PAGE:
|Back to Index Page|
Sociological American Changes After September 11, 2001
"Do not worry about anything, but in everything by prayer and supplication with thanksgiving let your requests be made known to God. And the peace of God, which surpasses all understanding, will guard your hearts and your minds in Christ Jesus." —The New Testament, Philippians 4:6-7 (NRSV)
"This (9/11) was all planned. This was a government-ordered operation. Bush personally signed the order. He personally authorized the attacks. He is guilty of treason and mass murder… Yes, let me just say that this [Hilton’s $7 billion-dollar lawsuit against the Federal Government with hundreds of the victim’s families involved] is a taxpayers’ class-action lawsuit as well as a suit on behalf of the families… they violated the Constitution by ordering this event." —Stanley Hilton, who was a senior advisor to Senator Bob Dole (R) and has personally known Rumsfeld and Wolfowitz for decades. This courageous man has risked his professional reputation, and possibly his life, to get this information out to people. Read the whole report of Alex Jones’s Radio Show transcript by clicking here:http://www.rense.com/general57/aale.htm
” ‘Matter of Internal Security’, the age-old cry of the oppressor.” —Captain Jean Luc Picard, character of the TV series Star Trek, the Next Generation, Season 3, Episode 11, The Hunted
By Luis E. Prada
Previous events in the United States history were mainly of a domestic economic consequence or as result of political intervention on wars abroad. The September 11, 2001, event (the destruction of the World Trade Center’s Twin Towers) has brought to the American society a new change not seen in previous history: A change in their sense of security.
Americans felt frightened and vulnerable at home, found that they could be attacked and suffer loss of lives and disruption of economy. Before September 11 the average American only saw the consequences of war through TV screens or radio and text. It was something happening to “them” ("others"), in foreign lands. Now Americans experienced it firsthand. The nation’s prowess and sense of invulnerability was challenged big time. This was a shocking reality since all Americans know of the nation’s Military Industrial Complex that they perceived could prevent aggression at home and abroad against US interests by a foreigner military power and yet it could not divert or prevent this attack. Newer generations and the peoples that witnessed the event will never see their sense of security with the same confidence. This will ripple into a long-term effect since the constant threat of terrorist attacks continues being broadcast through media and government.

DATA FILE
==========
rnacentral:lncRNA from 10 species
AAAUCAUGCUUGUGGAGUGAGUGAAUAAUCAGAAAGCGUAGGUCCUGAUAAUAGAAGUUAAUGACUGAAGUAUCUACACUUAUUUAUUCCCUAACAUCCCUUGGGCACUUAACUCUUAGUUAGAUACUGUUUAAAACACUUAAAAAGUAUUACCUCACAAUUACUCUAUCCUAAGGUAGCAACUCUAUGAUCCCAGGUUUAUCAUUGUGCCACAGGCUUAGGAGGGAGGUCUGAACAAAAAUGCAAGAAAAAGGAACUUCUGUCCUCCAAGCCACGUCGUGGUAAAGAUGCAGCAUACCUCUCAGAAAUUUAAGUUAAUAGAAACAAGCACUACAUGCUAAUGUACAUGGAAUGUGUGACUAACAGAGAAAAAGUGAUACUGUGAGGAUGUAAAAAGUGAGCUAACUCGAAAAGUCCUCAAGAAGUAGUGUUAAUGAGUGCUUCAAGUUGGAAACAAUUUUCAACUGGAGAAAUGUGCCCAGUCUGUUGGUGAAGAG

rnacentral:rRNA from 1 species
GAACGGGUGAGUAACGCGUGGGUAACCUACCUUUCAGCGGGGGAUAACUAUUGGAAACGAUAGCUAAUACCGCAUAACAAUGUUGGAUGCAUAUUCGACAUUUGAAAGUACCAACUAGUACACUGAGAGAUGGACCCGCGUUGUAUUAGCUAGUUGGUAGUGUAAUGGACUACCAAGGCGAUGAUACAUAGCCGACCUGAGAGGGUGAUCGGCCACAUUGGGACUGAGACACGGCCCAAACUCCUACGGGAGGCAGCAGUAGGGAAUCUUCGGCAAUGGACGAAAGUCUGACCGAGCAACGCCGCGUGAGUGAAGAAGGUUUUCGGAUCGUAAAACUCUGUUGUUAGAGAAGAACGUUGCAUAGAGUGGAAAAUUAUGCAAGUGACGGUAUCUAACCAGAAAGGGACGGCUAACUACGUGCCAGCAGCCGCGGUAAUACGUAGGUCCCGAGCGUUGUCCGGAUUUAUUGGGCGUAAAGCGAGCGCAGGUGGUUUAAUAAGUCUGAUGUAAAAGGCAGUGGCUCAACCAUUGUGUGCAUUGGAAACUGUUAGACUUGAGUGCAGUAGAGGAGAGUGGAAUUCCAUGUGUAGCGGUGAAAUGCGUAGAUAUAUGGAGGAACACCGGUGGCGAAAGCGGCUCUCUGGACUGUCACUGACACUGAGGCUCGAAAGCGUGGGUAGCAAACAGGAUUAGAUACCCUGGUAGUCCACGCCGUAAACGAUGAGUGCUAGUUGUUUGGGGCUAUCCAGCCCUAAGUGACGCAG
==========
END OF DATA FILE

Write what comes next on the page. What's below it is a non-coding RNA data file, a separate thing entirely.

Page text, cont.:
Americans have always been proud of their liberties that have come down through American history with a high price tag. These rights have been obtained through strife and convincing, fight for civil rights, and as an expression and manifestation of the founding fathers’ ideal goal for the American society as stated in the Pledge of Allegiance and the Constitution’s First Amendment. They set the model for the rest of the world to follow and mark what the future planetary societies will strive for. It is the ideal world where freedom of expression is endorsed by the government. But now, some Americans feel that these same rights place the nation at stake, that these rights can be used as an advantage by terrorist groups infiltrated in the US. As such, it has been triggering an increased surveillance in airports and the proposed lack of privacy in Internet communications and a stronger Federal government’s presence and its potential of prying into private lives. Most Americans feel that America is not any longer the same and are placed in a dilemma between the rights they cherish and the security they need. How to make balance? That’s the question posed for present and future generations.